of the consumer system (key ad man: Bill Bernbach) Short Answer questions
Political Ads: Different Models and Functions
1.Name Identification Spots shown early in the campaign (Identity)
2.Argument spots which present the candidates’ positions on issues (Ideology)
3. Attack spots which focus on the opponent (Insult)
4. Positive Visionary Appeals used at the end of the campaign to give the voter a last reason or
imperative to go out and vote for the candidate usually these are about “character” (Image)
Public Service Announcements: is a notice disseminated by the media without charge in order to create
awareness or change public attitudes/behaviors about a particular issue.
Culture Jamming: aims to disrupt consumer culture by transforming
corporate advertising with subversive messages. As in the example
above, a Coca Cola sign has been defaced to note the company's
other imperative aside from love.
2 “There is No Such Thing as ‘Society’” (Psychological)
There is no such thing as society; there are just individuals and their families
Nothing solid to call society; no group values, no collective interest, but rather is just a bunch of
individuals acting on their own.
Advertising does not address members of society, but as individuals
Market appeal worst of us “Greed and selfish”
Market also discourage what is best in us “compassion, caring and generosity”
“The End of the World as We Know It” (Material)
“Economic growth” growth that requires resources (both raw material and energy)
Affecting our planet leading to environmental crisis
Depletion of the ozone layer
Human rapidly exhausting earth resources than what it has to offer
Damage that is done, are irreparable
3. New Models and Modes of Advertising in the Digital World:
1. Social Network Advertising: Online advertising tied to social network sites – this is about the location of placing ads, but it is also tied with data gathering used to target these particular groups or individuals
2. "Contextual Advertising": refers to focused ads sent to your wireless internet device (iPad, phones, etc.)
when you connect to WiFi transmitters. By ‘locating’ your wireless device, marketers are able to send
targeted ads for businesses within the immediate area and relevant to the time of day.
∙ Google wanted provide “free” citywide wifi in San Francisco, (not in a way of being nice…) to
track and monitor consumer practices and provide time and location specific ads – where Google
could track one’s searches on what one is looking up at a given time ⇒ Author Mark Andrejevic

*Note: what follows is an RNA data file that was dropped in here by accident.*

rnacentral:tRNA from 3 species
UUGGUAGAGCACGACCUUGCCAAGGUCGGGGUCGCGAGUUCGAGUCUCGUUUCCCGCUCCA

refers to this as an digital enclosure, where there is a creation of an interactive realm where every
interaction and transaction generates information about itself
∙ Also with the increasing numbers of smartphones, service provider companies can track who you
are calling and when and also keep track of your pop culture preferences based on your downloaded
o This information that is being tracked can be then sorted and sold to other people as
3. Interactive Marketing Campaigns: These are ones that change or react with the individual or encourage
them to ‘talk back’ to the ad in some way
∙ engages directly with the consumer
∙ change or react with individuals and make them a literal part of the commercial itself where the
viewer becomes engaged with the advertising – seen to be more effective than traditional modes of
∙ QR codes (Quick Response codes) that encodes information about the product
4. No impact man
5. Tsai and toy theory
Essay Section: (bullet form some notes for these topics)
1. The Work of Being Watched
Watching and being watched
“The work of watching” describes television viewing as a form of labor for which consumers get “paid”.
Instead of being given money, the viewer gets compensation for watching commercials and other advertising
in the form of programming content.
“The work of being watched” rethinks this idea in light of technologies that monitor consumers. For the
“work of being watched” we are paid a wage in the form of convenience and customization.
Reading: (everything in blue is topics she went over in class and how they were discussed) Notes from reading:
consumers give personal information for customized offers → the audience provides market research for
Mark Andrejevic says that the act of watching and the act of being watched are complementary to one
details of people’s daily lives are being monitored such as their viewing habits, their shopping habits, even
their whereabouts are not only being monitored but are also being included in detailed marketing databases
especially because of computerbased forms of interactive media
it also creates for concerns with surveillance – however this can be seen as just as how workplace
monitoring contributes to the rationalization of production, in the same way, online surveillance contributes to
the rationalization of consumption.
This sort of monitoring provides individualized tastes and preferences
o Allows for ‘Mass Customization’ (discussed in more detail below) where desires can be specified
even more narrowly, based not just on the consumers’ past preferences or socioeconomic
backgrounds but also on details of the moment such as location, time of day, the weather, etc. (this
was also discussed in class, she gave the example of someone sitting in Starbucks using the
Starbucks WiFi and searching something on Google and automatically receiving ads based on their
searches and location à ads of products available at stores closest to the person’s current location)
This to marketers can be economically productive as it stimulates consumption by accumulating, manipulating
and deploying that information through surveillance
Another approach suggests the consumers are being ‘paid’ for viewing ads by watching their shows (she
also stressed on this point in class)
→ “audience perform work by viewing advertising in exchange for ‘payment’ in the form of programming
content” and this is important as advertising speeds up the process of consumption
Class Discussion about this:
Mark Andrejevic says watching ads does not provide monetary compensation, instead the viewer gets paid
in the form of being able to watch his/her favorite programming with the effort put in to watch the
commercials → for this to work there is need to be ‘concentrated viewing’, where people are engaged and
invested in what they see
Also says that this goes handinhand with watching viewers to understand that the work of the market is
being done effectively (these points comes straight from the reading and were discussed in class)
Online economy works as an outlet to understand the work of viewing and of consumption in general and
indeed makes it more productive
→ “the goal is to replace mass marketing and production with customized programming, products, and
marketing” – allows for the phenomenon of mass customization
∙ Mass customization: ability to produce mass quantities of products that are at the same time